Quantcast

Latest Leiopelmatidae Stories

4b8a9945cc149726c37abd63a6ff805b1
2010-07-22 09:05:48

Sometimes divers, to their own painful dismay, do belly flops. But did you ever see a frog belly flop? That's just what primitive living frogs do, according to a new study by Dr. Richard Essner, from Southern Illinois University Edwardsville in the US, and colleagues, looking at the evolution of frog jumping and landing. They found that frogs became proficient at jumping before they perfected landing. This evolutionary split, characterized by an inability to rapidly rotate the limbs forward...

5a31b1edd46306dae434177b19aa0c9b1
2010-05-20 11:22:00

The world's most ancient frogs may soon be mined to extinction, if the New Zealand government's plans to open up a conservation area for mining go ahead. The primitive Archey's frog (Leiopelma archeyi) and Hochstetter's frog (Leiopelma hochstetteri) are two of the species that inhabit the area of 'high conservation value' on New Zealand's North Island where the mining is planned to take place. Archey's frog is currently ranked top of the Zoological Society of London's (ZSL) EDGE of Existence...

2008-03-05 00:30:00

The recent spotting of a rare species of frog breeding in New Zealand may lead to a better future for the endangered amphibian. Researchers reported on Monday that they found 13 finger nail-sized Maud Island froglets on the backs of adult male frogs at the Karori Wildlife Sanctuary in Wellington. An estimated 40,000 Maud Island Frogs are assumed to exist. The species is known to primarily reside on Maud Island in the Marlborough Sounds and on Motuara Island. "Maud Island frogs have never...

c63801ada3b74646b47dbe498ecfc225
2008-03-03 11:25:00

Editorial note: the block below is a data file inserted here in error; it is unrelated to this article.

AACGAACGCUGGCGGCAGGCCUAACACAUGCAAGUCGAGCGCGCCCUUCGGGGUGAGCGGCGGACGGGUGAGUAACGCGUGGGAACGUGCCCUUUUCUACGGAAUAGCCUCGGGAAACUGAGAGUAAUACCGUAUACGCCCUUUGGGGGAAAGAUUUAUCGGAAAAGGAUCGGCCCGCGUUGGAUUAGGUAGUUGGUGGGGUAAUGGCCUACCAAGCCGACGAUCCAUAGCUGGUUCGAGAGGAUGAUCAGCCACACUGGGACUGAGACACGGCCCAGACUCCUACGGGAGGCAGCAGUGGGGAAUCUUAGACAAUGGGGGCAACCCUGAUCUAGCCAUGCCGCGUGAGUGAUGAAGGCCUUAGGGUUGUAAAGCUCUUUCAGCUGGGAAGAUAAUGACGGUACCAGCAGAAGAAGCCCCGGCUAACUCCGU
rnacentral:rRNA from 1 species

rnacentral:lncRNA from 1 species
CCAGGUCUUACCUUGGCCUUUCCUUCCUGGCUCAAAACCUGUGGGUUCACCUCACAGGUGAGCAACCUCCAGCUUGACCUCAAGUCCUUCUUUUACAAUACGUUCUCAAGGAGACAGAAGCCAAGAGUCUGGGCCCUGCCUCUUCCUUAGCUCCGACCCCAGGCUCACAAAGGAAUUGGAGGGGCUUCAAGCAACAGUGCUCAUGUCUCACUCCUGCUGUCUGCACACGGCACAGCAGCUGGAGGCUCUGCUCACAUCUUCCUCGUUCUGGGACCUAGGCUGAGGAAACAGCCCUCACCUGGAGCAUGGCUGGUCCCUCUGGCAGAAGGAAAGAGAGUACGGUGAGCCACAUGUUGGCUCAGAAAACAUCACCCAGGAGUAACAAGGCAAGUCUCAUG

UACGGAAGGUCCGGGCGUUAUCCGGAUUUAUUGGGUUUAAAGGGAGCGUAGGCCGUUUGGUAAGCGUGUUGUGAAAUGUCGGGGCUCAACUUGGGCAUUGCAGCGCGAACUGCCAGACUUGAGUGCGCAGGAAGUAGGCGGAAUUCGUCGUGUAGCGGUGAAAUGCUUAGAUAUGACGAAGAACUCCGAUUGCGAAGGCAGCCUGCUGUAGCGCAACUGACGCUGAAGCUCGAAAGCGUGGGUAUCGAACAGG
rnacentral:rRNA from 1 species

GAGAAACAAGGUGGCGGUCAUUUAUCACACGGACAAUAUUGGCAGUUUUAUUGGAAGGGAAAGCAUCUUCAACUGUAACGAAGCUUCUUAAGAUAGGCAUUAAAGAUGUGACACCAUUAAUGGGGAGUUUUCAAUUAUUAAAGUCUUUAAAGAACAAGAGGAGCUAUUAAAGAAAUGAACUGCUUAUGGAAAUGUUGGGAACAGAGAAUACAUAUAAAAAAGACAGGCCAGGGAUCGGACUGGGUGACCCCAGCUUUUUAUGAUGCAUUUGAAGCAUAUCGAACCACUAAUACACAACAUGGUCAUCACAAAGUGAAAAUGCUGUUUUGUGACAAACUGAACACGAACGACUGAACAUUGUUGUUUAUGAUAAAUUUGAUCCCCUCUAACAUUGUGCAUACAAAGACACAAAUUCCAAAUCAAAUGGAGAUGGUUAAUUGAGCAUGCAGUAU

Scientists in New Zealand have discovered a rare, endangered frog breeding in the Karori Wildlife Sanctuary, near the capital of Wellington.The tiny, finger-nail sized Maud Island frogs are typically found only on two islands in the Malborough Sounds region of New Zealand's South Island.  "Maud Island frogs have never been found breeding" before, even on their home island, said Kerri Lukis, a researcher and masters candidate at Victoria University in Wellington, in an Associated Press...


Latest Leiopelmatidae Reference Libraries

Archey’s Frog, Leiopelma archeyi
2014-08-27 09:54:56

Archey’s frog (Leiopelma archeyi) is one of three or four living species within the Leiopelma genus, which holds frogs that are native to New Zealand. This species can only be found along the Coromandel Peninsula and because it has not changed much throughout the past two hundred million years, it is considered to be a living fossil. Little is known about the habits of Archey’s frog, but it is known to be terrestrial, inhabiting damp areas at high elevations. It is thought that males...

Maud Island Frog, Leiopelma pakeka
2014-08-22 10:38:14

The Maud Island frog is native to New Zealand, first discovered in the 1940’s. Originally classified as the same species as the Hamilton’s frog, it was reclassified in 1998 as its own species. The Maud Island frog is one of the oldest species known. It has been in existence for roughly 200 million years. In 2006, 60 Maud Island frogs were introduced to a predator free sanctuary. Thirty others were also released outside the sanctuary for comparison. In February 2008, 13 juvenile frogs...

11_596c854118b0705cd9ed601517e9e113
2008-05-15 12:14:30

Hochstetter's Frog (Leiopelma hochstetteri), is a species of primitive frog found in New Zealand. It is one of only four species belonging to the ancient family Leiopelmatidae. It is found only in the northern half of the North Island of New Zealand, including Great Barrier Island. Although it is the largest of the four species it grows to only about 1.75 inches long, and is found in isolated pockets, in damp areas along the edges of streams. It has partially webbed feet, and atavistic...

More Articles (3 articles) »
Word of the Day
grass-comber
  • A landsman who is making his first voyage at sea; a novice who enters naval service from rural life.
According to the OED, a grass-comber is also 'a sailor's term for one who has been a farm-labourer.'